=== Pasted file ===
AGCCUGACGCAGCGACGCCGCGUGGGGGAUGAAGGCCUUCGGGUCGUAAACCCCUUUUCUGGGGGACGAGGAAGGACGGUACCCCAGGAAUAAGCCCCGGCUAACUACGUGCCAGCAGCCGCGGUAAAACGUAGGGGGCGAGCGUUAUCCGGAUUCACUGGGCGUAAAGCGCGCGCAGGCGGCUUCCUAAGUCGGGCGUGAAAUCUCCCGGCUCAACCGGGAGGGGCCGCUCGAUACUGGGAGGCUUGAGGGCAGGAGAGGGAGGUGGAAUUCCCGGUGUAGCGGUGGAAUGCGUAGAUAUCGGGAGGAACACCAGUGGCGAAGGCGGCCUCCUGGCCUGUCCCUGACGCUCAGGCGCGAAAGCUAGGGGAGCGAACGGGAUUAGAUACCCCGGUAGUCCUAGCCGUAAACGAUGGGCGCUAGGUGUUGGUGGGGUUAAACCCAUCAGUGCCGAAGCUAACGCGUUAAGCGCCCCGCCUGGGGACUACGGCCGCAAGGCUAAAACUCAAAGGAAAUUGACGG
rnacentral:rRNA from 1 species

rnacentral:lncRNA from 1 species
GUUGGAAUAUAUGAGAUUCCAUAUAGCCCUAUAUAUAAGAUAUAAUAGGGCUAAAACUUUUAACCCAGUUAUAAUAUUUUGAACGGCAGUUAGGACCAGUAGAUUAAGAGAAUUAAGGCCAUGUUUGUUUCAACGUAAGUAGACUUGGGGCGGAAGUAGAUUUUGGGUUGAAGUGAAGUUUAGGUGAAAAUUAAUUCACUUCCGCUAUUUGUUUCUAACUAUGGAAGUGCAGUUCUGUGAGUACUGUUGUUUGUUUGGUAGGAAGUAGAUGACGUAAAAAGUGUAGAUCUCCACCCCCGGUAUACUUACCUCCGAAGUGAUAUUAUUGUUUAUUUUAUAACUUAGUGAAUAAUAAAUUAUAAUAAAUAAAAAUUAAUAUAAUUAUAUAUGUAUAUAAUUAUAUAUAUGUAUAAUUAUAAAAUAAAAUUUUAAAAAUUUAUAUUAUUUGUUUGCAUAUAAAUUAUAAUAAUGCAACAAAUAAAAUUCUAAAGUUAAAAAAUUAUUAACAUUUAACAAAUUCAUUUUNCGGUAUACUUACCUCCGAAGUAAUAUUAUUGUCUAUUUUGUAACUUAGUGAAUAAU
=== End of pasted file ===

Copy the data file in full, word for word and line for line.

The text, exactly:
AGCCUGACGCAGCGACGCCGCGUGGGGGAUGAAGGCCUUCGGGUCGUAAACCCCUUUUCUGGGGGACGAGGAAGGACGGUACCCCAGGAAUAAGCCCCGGCUAACUACGUGCCAGCAGCCGCGGUAAAACGUAGGGGGCGAGCGUUAUCCGGAUUCACUGGGCGUAAAGCGCGCGCAGGCGGCUUCCUAAGUCGGGCGUGAAAUCUCCCGGCUCAACCGGGAGGGGCCGCUCGAUACUGGGAGGCUUGAGGGCAGGAGAGGGAGGUGGAAUUCCCGGUGUAGCGGUGGAAUGCGUAGAUAUCGGGAGGAACACCAGUGGCGAAGGCGGCCUCCUGGCCUGUCCCUGACGCUCAGGCGCGAAAGCUAGGGGAGCGAACGGGAUUAGAUACCCCGGUAGUCCUAGCCGUAAACGAUGGGCGCUAGGUGUUGGUGGGGUUAAACCCAUCAGUGCCGAAGCUAACGCGUUAAGCGCCCCGCCUGGGGACUACGGCCGCAAGGCUAAAACUCAAAGGAAAUUGACGG
rnacentral:rRNA from 1 species

rnacentral:lncRNA from 1 species
GUUGGAAUAUAUGAGAUUCCAUAUAGCCCUAUAUAUAAGAUAUAAUAGGGCUAAAACUUUUAACCCAGUUAUAAUAUUUUGAACGGCAGUUAGGACCAGUAGAUUAAGAGAAUUAAGGCCAUGUUUGUUUCAACGUAAGUAGACUUGGGGCGGAAGUAGAUUUUGGGUUGAAGUGAAGUUUAGGUGAAAAUUAAUUCACUUCCGCUAUUUGUUUCUAACUAUGGAAGUGCAGUUCUGUGAGUACUGUUGUUUGUUUGGUAGGAAGUAGAUGACGUAAAAAGUGUAGAUCUCCACCCCCGGUAUACUUACCUCCGAAGUGAUAUUAUUGUUUAUUUUAUAACUUAGUGAAUAAUAAAUUAUAAUAAAUAAAAAUUAAUAUAAUUAUAUAUGUAUAUAAUUAUAUAUAUGUAUAAUUAUAAAAUAAAAUUUUAAAAAUUUAUAUUAUUUGUUUGCAUAUAAAUUAUAAUAAUGCAACAAAUAAAAUUCUAAAGUUAAAAAAUUAUUAACAUUUAACAAAUUCAUUUUNCGGUAUACUUACCUCCGAAGUAAUAUUAUUGUCUAUUUUGUAACUUAGUGAAUAAU